The Remake Manifesto: Part 2 – On foreign lands and fading memories

Welcome to part two of my needlessly lengthy attempt to tell you why you shouldn’t be so angry about the remakes.

“Well what about foreign films?” I hear you demanding like the voices in my mind that scream in the night. People always get very angry about remakes of foreign films, especially recent foreign films (and by foreign I’m referring to foreign language for the purposes of this article). During the release of Matt Reeves’ Let Me In I mounted a defence of remaking foreign films on my, sadly defunct, podcast and it prompted someone to leave the following scathing review on iTunes…

“Since the podcast where they defended Hollywood movie remakes I’ve lost respect for them. There is no reason to remake a film ever!! Learn to read and watch the original in it’s own language. Retards.” Continue reading “The Remake Manifesto: Part 2 – On foreign lands and fading memories”

September 3rd: Criminally Bad

Rollerball poster

184. Rollerball (John McTiernan, 2002)

I’ve mentioned it before, notably with my review of Supernova, but I’ve got a bizarre fascination with films that are failures. I love a failed movie, be it from a flawed concept or a torturous development, there is a kind of rubbernecking glee that occurs when you watch a botched job. Rollerball had a development process that appeared to last several years before it eventually slid into American cinemas in the release schedule no-mans land of February, back in 2002. What’s left from the endless re-shoots and edits is a messy attempt to update Norman Jewison’s iconic sci-fi satire from 1975. Where Jewison’s film suffers is in the pacing, it would appear that McTiernan was desperate to speed up the film a bit. As an exchange the film is completely stripped of anything but the most perfunctory social commentary, the most memorable and successful aspect of the original film is completely erased. The result is a shopping list of attractions for an ADHD teenage boy; nu-metal, tits, fast cars, extreme sports and violence. There’s really nothing to cling to here though, the sets are plasticky warehouse affairs, the script feels like a collage of advertising soundbites, it’s edited like MTV on fast forward, Chris Klein is comically bad at acting, Rebecca Romijn doesn’t want to be there and Jean Reno is auditioning for a panto villain role. Worst of all the game of Rollerball itself doesn’t make any sense, there’s some kind of ludicrous figure of 8 playing area where two teams race around throwing a steel ball at a dish. I can’t explain it any better than that because the film doesn’t even try.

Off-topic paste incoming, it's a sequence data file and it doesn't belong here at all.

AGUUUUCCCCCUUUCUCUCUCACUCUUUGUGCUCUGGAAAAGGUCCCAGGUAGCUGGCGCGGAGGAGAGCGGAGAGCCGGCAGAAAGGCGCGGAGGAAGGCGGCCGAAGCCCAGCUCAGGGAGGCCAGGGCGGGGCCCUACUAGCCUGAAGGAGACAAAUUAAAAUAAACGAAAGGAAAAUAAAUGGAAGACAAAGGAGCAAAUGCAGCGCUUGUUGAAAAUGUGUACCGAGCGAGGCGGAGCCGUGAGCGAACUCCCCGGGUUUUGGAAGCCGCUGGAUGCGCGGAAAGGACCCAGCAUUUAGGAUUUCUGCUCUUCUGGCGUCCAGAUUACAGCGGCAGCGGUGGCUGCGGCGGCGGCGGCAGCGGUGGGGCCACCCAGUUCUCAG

But what of the drama behind the making of, well the studio is a lot better at signing people up to non-disclosure agreements these days so I’ve been unable to find out what was really going on but there are some juicy bits of info on the internet. Apparently Jewison hated the remake from conception, stating that he thought they were embracing the violence he sought to condemn in his original. But more interestingly John McTiernan became involved in the long running Anthony Pellicano wiretapping/racketeering/conspiracy/identity theft case. Although a minor connection, McTiernan was found guilty of making false statements to federal agents and perjury. The latest news is available HERE but it appeared to be centred on events that occurred when McTiernan hired Pellicano to snoop on Rollerball producer Charles Roven during production. It looks like the director of some of the finest action films ever (Die Hard & Predator) might be spending a bit of time in the slammer.